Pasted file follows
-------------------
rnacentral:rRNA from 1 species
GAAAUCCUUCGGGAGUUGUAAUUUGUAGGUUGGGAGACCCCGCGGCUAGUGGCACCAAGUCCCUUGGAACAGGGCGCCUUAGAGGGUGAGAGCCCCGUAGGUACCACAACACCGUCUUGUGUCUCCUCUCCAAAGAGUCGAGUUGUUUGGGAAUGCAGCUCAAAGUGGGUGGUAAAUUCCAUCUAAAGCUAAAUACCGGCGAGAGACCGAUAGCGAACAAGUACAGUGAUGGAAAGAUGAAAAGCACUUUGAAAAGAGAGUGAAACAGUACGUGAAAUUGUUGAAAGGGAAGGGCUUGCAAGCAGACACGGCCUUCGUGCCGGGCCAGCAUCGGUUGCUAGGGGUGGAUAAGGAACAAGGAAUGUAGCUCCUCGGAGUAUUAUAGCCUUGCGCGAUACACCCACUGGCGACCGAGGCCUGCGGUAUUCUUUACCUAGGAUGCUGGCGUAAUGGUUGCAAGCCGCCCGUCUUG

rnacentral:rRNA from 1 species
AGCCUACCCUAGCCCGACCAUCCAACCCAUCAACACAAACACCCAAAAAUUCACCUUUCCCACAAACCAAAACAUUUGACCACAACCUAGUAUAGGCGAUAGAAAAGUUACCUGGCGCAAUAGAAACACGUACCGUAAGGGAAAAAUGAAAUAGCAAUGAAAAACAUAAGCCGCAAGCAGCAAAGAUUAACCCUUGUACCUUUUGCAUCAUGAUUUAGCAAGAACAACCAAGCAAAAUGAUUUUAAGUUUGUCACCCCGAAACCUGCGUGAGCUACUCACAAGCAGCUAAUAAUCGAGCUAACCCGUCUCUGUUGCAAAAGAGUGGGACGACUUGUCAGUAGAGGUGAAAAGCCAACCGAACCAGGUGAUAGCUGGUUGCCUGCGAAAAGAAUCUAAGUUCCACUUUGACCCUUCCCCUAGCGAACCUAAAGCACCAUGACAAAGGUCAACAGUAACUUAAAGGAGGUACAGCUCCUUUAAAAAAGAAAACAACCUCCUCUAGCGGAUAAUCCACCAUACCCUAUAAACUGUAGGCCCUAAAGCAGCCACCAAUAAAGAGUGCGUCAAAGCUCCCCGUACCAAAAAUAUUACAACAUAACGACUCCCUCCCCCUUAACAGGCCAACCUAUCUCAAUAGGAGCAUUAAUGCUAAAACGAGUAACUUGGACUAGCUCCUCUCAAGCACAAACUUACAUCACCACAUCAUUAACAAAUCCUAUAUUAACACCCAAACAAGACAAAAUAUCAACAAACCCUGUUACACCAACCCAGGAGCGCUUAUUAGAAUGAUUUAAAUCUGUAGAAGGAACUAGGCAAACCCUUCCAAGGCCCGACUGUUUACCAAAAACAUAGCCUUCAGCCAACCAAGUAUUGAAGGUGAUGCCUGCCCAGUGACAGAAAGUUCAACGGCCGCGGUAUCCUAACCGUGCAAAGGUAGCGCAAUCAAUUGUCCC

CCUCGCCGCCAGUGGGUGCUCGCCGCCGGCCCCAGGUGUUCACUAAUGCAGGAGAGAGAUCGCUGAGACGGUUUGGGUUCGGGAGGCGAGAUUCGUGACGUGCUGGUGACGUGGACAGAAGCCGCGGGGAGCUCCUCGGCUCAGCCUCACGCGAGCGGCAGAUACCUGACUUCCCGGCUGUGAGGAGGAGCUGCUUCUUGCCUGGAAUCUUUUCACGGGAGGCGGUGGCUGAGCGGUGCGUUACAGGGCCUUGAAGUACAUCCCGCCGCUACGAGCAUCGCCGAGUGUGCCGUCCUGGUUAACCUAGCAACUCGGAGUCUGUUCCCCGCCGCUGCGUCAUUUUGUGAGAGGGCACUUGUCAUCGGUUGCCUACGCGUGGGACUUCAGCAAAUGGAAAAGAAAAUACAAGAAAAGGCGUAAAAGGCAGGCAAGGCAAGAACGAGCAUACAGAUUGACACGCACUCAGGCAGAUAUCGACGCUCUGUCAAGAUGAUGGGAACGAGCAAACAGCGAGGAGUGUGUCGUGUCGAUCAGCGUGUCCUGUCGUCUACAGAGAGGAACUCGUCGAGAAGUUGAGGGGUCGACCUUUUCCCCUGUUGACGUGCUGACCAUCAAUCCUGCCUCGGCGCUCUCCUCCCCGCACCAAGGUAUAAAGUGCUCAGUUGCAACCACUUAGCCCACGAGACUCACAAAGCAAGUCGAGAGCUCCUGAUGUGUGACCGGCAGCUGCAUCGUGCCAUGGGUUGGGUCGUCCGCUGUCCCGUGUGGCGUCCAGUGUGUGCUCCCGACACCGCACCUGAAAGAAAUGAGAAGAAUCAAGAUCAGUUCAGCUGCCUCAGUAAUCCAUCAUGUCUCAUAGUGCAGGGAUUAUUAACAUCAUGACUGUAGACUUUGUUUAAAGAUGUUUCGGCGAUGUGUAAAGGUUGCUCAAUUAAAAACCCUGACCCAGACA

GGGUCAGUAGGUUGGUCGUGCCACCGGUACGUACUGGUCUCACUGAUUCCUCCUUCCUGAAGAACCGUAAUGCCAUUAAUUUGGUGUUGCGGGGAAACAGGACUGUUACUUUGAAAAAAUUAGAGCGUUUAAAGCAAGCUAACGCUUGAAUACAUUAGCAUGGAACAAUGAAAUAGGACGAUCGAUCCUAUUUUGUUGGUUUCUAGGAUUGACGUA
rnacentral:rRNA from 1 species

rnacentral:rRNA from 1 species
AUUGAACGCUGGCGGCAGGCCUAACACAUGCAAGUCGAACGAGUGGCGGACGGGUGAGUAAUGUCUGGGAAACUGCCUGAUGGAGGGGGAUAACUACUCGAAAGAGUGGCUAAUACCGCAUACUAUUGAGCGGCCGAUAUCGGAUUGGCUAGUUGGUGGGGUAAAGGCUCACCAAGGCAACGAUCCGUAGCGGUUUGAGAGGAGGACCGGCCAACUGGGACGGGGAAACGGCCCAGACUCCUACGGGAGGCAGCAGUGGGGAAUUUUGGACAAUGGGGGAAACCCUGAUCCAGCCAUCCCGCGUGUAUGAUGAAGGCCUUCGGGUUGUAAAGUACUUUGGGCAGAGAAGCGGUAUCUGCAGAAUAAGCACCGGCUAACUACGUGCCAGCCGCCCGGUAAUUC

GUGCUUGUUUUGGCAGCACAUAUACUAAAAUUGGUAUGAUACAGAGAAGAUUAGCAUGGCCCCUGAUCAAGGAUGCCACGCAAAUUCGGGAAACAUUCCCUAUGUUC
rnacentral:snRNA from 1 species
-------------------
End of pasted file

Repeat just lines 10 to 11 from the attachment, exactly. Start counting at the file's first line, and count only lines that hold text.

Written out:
GUGCUUGUUUUGGCAGCACAUAUACUAAAAUUGGUAUGAUACAGAGAAGAUUAGCAUGGCCCCUGAUCAAGGAUGCCACGCAAAUUCGGGAAACAUUCCCUAUGUUC
rnacentral:snRNA from 1 species